Reflections on life under quarantine...
thursday, apr 16, 2020
Life is exhausting right now, in so many ways. Why do I choose to make it worse by staying up until 3:00 in the morning?
In other news, I finished Do Androids Dream of Electric Sheep and it's... really, really good. Consistently reading books is a fairly recent development for me, so I'm not very good at talking about them, but it's got a lot of really fascinating things to say about how we view the distinction between reality and imitation. I haven't picked up on them all yet, but the book just gets better and more rewarding the more I think about it, which is always a great feeling.
Technically, Blade Runner is an adaptation of it, but the two are so different in their strengths and storylines that it feels wrong to engage in the whole "book vs. movie" debate. They're both great in their own ways.
wednesday, apr 15, 2020
Today, our English teacher officially cancelled this assignment, meaning all of this was pointless. I'm not particularly upset about it, though, since I'm not sure I was ever doing this for a grade anyway. I think I'll continue it until quarantine ends, or until my 100th blog post — whichever comes first. I don't think this blog will change much, anyway. Maybe it'll get just a little bit edgier.
Zoom meetings / online classes are horribly tedious and more than a little depressing. On the off chance any of my teachers are reading this: sorry! It's not your fault. I've noticed it while talking with other people for non-class purposes, too, although not to the same degree; communication over Zoom or Discord or anything that isn't face-to-face conversation feels unfulfilling, almost like a chore more than anything. After the novelty of online classes wore off and I ran out of stupid things jokes to play in them, they've become a soulless husk of an actual class experience, removing most good things about going to school. I haven't really discussed this subject with anyone else, but even then I suspect most people agree with me. Classroom banter is waning by the day. All my meetings today were more awkward silence than anything else, which would be tolerable in an actual classroom, but in a video call, every silence is awkward. It's all so draining.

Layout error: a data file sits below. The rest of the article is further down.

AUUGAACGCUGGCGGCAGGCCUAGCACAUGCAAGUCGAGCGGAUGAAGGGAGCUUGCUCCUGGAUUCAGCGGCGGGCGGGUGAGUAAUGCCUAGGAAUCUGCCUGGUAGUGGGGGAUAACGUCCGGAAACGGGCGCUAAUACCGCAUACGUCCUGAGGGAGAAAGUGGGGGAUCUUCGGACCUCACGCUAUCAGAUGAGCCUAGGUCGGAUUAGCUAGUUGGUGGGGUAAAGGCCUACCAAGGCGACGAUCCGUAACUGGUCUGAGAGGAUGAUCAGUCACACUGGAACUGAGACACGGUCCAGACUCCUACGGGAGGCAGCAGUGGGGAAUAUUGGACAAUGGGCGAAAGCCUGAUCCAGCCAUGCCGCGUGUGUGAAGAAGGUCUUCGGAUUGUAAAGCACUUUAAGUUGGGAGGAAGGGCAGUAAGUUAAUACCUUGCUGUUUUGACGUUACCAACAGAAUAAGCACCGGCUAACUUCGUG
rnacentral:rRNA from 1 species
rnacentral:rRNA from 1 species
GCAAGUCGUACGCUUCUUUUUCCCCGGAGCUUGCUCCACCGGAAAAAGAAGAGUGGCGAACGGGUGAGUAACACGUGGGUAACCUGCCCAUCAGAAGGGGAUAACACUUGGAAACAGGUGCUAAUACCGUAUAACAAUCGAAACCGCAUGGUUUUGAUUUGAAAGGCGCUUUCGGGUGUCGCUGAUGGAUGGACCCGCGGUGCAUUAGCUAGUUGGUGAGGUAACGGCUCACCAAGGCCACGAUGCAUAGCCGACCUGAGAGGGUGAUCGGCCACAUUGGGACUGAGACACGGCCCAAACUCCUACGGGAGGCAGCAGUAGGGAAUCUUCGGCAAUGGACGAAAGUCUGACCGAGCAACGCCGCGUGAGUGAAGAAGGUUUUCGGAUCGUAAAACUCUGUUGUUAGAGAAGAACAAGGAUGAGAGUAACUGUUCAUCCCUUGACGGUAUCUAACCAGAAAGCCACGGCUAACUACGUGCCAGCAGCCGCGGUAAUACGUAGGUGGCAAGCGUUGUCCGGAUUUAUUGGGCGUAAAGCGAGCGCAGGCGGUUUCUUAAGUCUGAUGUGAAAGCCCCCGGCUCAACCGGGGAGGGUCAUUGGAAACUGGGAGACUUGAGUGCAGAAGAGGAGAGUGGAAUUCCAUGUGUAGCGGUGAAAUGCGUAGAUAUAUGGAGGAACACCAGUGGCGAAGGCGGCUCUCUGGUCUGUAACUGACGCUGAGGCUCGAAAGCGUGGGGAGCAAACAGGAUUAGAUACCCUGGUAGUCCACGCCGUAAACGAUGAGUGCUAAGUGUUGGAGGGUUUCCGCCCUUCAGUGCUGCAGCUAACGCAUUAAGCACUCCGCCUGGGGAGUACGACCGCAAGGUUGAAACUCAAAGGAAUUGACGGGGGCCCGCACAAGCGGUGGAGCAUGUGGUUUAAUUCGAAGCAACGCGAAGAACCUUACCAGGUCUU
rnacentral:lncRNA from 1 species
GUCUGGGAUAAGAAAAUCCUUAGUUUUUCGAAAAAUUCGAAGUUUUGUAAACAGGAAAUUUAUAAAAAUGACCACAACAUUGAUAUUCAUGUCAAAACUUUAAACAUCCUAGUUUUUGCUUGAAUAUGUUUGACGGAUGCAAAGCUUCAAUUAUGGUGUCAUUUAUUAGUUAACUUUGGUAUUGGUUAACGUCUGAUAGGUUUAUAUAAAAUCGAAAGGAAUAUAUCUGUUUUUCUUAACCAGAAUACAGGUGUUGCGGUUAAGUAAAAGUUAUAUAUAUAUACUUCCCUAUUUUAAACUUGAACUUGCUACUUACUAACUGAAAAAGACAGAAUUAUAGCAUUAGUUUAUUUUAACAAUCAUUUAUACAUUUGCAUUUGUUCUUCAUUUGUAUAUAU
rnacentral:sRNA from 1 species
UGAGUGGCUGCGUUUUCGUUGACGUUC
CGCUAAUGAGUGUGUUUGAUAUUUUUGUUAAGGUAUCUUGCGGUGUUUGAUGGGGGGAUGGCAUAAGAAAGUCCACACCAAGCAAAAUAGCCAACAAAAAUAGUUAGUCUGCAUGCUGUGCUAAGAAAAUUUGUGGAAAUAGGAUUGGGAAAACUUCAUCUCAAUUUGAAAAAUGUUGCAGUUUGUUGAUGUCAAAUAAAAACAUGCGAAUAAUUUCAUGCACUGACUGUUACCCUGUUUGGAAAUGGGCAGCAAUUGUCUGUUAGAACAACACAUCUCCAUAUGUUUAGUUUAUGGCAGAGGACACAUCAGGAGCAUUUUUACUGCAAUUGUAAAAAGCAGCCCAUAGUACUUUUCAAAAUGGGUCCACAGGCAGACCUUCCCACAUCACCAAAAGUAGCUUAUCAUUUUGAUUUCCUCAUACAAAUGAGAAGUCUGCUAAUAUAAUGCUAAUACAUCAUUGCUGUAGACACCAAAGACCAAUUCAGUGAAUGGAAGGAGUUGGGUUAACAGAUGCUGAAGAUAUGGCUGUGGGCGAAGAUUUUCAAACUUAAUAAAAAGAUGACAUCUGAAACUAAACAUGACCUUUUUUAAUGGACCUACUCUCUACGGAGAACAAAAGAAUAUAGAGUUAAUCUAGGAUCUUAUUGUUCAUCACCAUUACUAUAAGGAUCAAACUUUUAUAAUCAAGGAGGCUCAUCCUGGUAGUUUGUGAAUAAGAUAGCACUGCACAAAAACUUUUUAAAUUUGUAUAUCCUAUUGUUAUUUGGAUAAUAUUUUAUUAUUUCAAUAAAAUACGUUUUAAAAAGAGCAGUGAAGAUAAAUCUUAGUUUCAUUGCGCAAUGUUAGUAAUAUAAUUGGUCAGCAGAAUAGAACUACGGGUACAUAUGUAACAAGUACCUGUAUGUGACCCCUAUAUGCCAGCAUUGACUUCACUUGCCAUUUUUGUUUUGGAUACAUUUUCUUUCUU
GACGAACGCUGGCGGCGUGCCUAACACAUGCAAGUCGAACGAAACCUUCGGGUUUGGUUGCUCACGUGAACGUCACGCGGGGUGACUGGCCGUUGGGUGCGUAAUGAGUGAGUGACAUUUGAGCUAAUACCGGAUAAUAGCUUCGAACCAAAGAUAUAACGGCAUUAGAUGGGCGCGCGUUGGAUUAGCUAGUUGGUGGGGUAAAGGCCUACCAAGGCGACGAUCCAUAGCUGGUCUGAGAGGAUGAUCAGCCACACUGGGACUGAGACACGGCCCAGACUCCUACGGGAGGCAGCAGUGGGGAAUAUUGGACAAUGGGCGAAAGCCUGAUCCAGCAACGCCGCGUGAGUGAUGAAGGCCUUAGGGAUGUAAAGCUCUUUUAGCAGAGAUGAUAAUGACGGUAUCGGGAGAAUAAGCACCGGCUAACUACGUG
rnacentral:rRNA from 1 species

tuesday, apr 14, 2020
Bad news! Remember how I went I went to sleep at around 5:00 in the morning yesterday? I actually woke up at 7:00, two hours later, and couldn't go back to sleep. I've been running on two hours of sleep and a LOT of caffeine all day. After I finish this blog post, I will collapse onto my bed and remain unconscious for the next 48 hours.
It's been a month since quarantine started, officially. Weird. Hard to imagine that I was convinced we'd come back after spring break at some point. This has been one strange year.
monday, apr 13, 2020
It has been one day since the end of spring break. It's 3:40 AM and I am still up. It seems that I have already sunken back into my more unfortunate sleeping habits.
I'm not writing anything else today. Please let me go to sleep.
sunday, apr 12, 2020